Author : Lucy Parsons
In these Eastern cities, tens of thousands of children are born annually who will never know the beauties of nature. From the tenement they will have for playing space the hard, dirty, unhealthy, stone sidewalks and pavements, then a few years in school, where the training will be as inadequate to the development of a strong, self-asserting individuality as were the previous conditions to the upbuilding of a strong, physical body; then comes the last step, the factory, the slave pen. From there some will graduate to prisons, some to the hangman, and some become prostitutes, offering upon the streets, for a price, the remnant of a depleted body. This is the goal toward which the long procession of the working class is ever moving. Is the picture overdrawn? None could wish more sincerely than the writer that it is imaginary, but alas, it is too terribly true.
I have before me two reports from committees, returned in the last few days from New York City. One states there were “born in the city in 1910 8,750 children of weak minds, and that this tendency is ever on the increase.” The other, that something will have to be done to check the alarming overcrowding of tenements. There is no overcrowding uptown, where the rich live.
I met with very courteous treatment from the unions in the West and am meeting with the same here. I have credentials and endorsement from the Central Federated Union, and my success is splendid in the locals. But I find organized labor weak and dispirited. I have called the attention of several leaders to this fact, and asked for an explanation. They simply say: “You have no Ellis Island problem in the West to solve as we have here.”
I think there is a lot of reason in this position. For the countless thousands form a never-ending stream of humanity, dumped down in a strange land, hearing a strange language, with little money or means of a livelihood, they fall an easy prey to the sharks, little and big, and are used as an instrument to beat down and keep wages near the dead line of want.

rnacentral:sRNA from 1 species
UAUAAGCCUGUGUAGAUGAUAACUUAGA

The revolutionary societies of New York City held a very successful memorial meeting in honor of our Japanese martyrs. The large hall was packed and the speeches were good and to the point. After the speaking had been going on for a few hours, some of the young blood in the hall wanted to see the speeches translated into action. One of them went to the front and called upon the audience to go to the street, fall in line, and march upon the Japanese Embassy and voice their protest.
There was some opposition to the carrying out of this part of the meeting, but the young blood carried everything before it. The result was a fine demonstration in the streets, with the red flag. The only time the red flag ever typifies death is at the time of the death of a martyr to liberty; then it is appropriately draped in mourning, as it was on this occasion. Of course the capitalist press made heroes of the police and also got themselves all worked up to a great sensation.
The only regret I have about the street demonstration is owing to a misunderstanding and the slow exit of the large audience, I missed being with the “mob” of marchers. I have been kicking myself about this ever since.
From : TheAnarchistLibrary.org.
March 01, 1911 : Reflections of a Propagandist -- Publication.
July 19, 2019 : Reflections of a Propagandist -- Added to http://www.RevoltLib.com.
July 19, 2019 : Reflections of a Propagandist -- Last Updated on http://www.RevoltLib.com.
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